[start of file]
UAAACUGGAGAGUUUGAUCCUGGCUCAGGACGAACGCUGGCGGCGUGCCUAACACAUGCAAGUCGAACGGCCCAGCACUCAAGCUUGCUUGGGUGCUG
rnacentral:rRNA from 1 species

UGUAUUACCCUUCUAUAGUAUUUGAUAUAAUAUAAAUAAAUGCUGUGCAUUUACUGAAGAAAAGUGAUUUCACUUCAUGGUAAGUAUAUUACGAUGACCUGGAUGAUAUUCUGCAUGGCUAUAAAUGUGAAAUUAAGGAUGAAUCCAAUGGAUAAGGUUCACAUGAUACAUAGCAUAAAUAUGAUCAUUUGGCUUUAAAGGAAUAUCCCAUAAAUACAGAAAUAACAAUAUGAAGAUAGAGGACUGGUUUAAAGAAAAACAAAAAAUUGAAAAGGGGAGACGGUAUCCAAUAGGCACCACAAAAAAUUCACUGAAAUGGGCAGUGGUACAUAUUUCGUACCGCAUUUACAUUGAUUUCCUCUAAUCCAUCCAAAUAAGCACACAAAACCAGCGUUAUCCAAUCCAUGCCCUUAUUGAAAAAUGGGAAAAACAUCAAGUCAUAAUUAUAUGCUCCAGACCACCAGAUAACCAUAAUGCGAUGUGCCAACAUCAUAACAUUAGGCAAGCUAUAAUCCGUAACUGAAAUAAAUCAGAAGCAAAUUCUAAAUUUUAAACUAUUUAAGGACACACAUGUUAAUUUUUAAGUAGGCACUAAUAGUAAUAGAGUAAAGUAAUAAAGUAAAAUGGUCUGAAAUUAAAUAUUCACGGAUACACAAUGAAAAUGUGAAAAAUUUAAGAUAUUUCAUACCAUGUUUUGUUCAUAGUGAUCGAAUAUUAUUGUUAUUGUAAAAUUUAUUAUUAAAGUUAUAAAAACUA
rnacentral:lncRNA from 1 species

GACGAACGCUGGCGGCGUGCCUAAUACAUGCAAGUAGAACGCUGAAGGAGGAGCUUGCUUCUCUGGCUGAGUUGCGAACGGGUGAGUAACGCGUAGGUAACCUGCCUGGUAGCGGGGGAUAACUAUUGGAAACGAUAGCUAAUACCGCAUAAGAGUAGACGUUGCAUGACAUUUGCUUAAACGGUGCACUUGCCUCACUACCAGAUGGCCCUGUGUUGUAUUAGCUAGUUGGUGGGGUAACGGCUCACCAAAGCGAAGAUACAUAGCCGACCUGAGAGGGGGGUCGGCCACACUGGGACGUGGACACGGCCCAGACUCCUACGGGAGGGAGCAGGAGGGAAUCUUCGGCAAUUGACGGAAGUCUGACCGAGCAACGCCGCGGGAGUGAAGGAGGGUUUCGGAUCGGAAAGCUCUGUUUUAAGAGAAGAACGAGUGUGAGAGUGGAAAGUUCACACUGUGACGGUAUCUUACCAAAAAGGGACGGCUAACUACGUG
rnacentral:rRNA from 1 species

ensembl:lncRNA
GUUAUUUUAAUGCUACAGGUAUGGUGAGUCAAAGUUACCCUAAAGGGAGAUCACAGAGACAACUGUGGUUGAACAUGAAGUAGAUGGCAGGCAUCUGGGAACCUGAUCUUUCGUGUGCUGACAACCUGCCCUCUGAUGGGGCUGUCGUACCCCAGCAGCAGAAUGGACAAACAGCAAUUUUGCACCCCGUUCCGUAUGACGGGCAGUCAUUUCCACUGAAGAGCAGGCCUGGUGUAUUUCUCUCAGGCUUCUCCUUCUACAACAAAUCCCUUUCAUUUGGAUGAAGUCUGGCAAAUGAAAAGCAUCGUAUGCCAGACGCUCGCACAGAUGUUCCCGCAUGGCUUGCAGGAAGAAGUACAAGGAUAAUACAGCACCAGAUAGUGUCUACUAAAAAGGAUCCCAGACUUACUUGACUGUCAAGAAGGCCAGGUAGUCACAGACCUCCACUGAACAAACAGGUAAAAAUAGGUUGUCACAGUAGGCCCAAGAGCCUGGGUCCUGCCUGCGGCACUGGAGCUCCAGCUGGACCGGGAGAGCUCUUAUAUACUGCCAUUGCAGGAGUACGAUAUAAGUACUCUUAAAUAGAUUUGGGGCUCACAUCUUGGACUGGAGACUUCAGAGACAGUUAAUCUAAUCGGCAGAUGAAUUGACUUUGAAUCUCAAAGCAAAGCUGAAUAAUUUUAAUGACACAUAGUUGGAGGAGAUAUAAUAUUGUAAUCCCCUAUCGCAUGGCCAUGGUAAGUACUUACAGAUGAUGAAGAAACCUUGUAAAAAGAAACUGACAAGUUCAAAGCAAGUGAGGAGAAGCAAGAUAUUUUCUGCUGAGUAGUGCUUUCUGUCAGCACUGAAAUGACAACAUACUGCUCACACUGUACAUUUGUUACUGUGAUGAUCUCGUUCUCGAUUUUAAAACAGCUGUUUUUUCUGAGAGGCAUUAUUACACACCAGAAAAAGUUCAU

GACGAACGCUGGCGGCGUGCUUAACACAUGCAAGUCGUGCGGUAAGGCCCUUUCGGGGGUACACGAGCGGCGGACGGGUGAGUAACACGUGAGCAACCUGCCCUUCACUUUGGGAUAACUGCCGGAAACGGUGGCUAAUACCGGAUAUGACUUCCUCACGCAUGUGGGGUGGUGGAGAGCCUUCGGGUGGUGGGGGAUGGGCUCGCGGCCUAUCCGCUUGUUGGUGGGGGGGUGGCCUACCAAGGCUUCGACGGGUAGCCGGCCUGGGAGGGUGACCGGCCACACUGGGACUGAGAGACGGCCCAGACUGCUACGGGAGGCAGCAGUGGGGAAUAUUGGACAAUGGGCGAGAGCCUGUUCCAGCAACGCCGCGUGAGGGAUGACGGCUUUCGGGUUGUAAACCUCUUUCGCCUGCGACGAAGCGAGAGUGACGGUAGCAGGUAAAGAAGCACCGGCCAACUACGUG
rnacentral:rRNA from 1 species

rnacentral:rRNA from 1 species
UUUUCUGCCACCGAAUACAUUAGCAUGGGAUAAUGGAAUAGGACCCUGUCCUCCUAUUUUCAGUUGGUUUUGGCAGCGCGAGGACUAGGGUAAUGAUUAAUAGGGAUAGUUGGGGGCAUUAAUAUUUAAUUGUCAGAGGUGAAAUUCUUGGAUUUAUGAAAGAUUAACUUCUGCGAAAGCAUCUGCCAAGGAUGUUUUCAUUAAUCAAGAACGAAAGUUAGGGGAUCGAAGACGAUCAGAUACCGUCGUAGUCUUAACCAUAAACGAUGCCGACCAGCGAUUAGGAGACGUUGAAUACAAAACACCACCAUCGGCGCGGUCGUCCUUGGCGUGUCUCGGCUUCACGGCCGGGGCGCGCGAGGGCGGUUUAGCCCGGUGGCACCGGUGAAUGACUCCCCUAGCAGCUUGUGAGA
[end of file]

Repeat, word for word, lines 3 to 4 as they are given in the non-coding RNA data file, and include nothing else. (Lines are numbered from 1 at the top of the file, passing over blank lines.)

UGUAUUACCCUUCUAUAGUAUUUGAUAUAAUAUAAAUAAAUGCUGUGCAUUUACUGAAGAAAAGUGAUUUCACUUCAUGGUAAGUAUAUUACGAUGACCUGGAUGAUAUUCUGCAUGGCUAUAAAUGUGAAAUUAAGGAUGAAUCCAAUGGAUAAGGUUCACAUGAUACAUAGCAUAAAUAUGAUCAUUUGGCUUUAAAGGAAUAUCCCAUAAAUACAGAAAUAACAAUAUGAAGAUAGAGGACUGGUUUAAAGAAAAACAAAAAAUUGAAAAGGGGAGACGGUAUCCAAUAGGCACCACAAAAAAUUCACUGAAAUGGGCAGUGGUACAUAUUUCGUACCGCAUUUACAUUGAUUUCCUCUAAUCCAUCCAAAUAAGCACACAAAACCAGCGUUAUCCAAUCCAUGCCCUUAUUGAAAAAUGGGAAAAACAUCAAGUCAUAAUUAUAUGCUCCAGACCACCAGAUAACCAUAAUGCGAUGUGCCAACAUCAUAACAUUAGGCAAGCUAUAAUCCGUAACUGAAAUAAAUCAGAAGCAAAUUCUAAAUUUUAAACUAUUUAAGGACACACAUGUUAAUUUUUAAGUAGGCACUAAUAGUAAUAGAGUAAAGUAAUAAAGUAAAAUGGUCUGAAAUUAAAUAUUCACGGAUACACAAUGAAAAUGUGAAAAAUUUAAGAUAUUUCAUACCAUGUUUUGUUCAUAGUGAUCGAAUAUUAUUGUUAUUGUAAAAUUUAUUAUUAAAGUUAUAAAAACUA
rnacentral:lncRNA from 1 species